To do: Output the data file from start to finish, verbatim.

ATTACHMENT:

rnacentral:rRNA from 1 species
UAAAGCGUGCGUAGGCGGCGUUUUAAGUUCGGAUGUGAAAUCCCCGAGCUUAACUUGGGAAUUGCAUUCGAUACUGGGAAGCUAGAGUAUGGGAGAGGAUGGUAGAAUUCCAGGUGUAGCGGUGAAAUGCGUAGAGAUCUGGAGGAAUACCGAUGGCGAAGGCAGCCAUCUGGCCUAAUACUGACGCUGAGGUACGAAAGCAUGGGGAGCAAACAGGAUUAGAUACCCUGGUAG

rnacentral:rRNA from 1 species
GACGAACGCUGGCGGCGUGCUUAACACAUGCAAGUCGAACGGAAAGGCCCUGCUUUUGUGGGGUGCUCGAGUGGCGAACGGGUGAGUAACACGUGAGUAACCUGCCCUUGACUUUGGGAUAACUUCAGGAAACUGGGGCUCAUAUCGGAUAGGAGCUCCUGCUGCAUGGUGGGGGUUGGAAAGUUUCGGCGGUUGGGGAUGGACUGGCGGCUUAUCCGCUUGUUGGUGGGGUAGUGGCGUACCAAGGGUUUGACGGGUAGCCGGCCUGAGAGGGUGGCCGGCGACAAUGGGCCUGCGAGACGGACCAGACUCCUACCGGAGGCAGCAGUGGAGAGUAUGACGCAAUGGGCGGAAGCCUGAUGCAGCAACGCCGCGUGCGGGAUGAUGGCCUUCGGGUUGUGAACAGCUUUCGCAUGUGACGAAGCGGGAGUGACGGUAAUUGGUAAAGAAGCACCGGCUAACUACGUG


rnacentral:rRNA from 1 species
UAAAGCGUGCGUAGGCGGCGUUUUAAGUUCGGAUGUGAAAUCCCCGAGCUUAACUUGGGAAUUGCAUUCGAUACUGGGAAGCUAGAGUAUGGGAGAGGAUGGUAGAAUUCCAGGUGUAGCGGUGAAAUGCGUAGAGAUCUGGAGGAAUACCGAUGGCGAAGGCAGCCAUCUGGCCUAAUACUGACGCUGAGGUACGAAAGCAUGGGGAGCAAACAGGAUUAGAUACCCUGGUAG

rnacentral:rRNA from 1 species
GACGAACGCUGGCGGCGUGCUUAACACAUGCAAGUCGAACGGAAAGGCCCUGCUUUUGUGGGGUGCUCGAGUGGCGAACGGGUGAGUAACACGUGAGUAACCUGCCCUUGACUUUGGGAUAACUUCAGGAAACUGGGGCUCAUAUCGGAUAGGAGCUCCUGCUGCAUGGUGGGGGUUGGAAAGUUUCGGCGGUUGGGGAUGGACUGGCGGCUUAUCCGCUUGUUGGUGGGGUAGUGGCGUACCAAGGGUUUGACGGGUAGCCGGCCUGAGAGGGUGGCCGGCGACAAUGGGCCUGCGAGACGGACCAGACUCCUACCGGAGGCAGCAGUGGAGAGUAUGACGCAAUGGGCGGAAGCCUGAUGCAGCAACGCCGCGUGCGGGAUGAUGGCCUUCGGGUUGUGAACAGCUUUCGCAUGUGACGAAGCGGGAGUGACGGUAAUUGGUAAAGAAGCACCGGCUAACUACGUG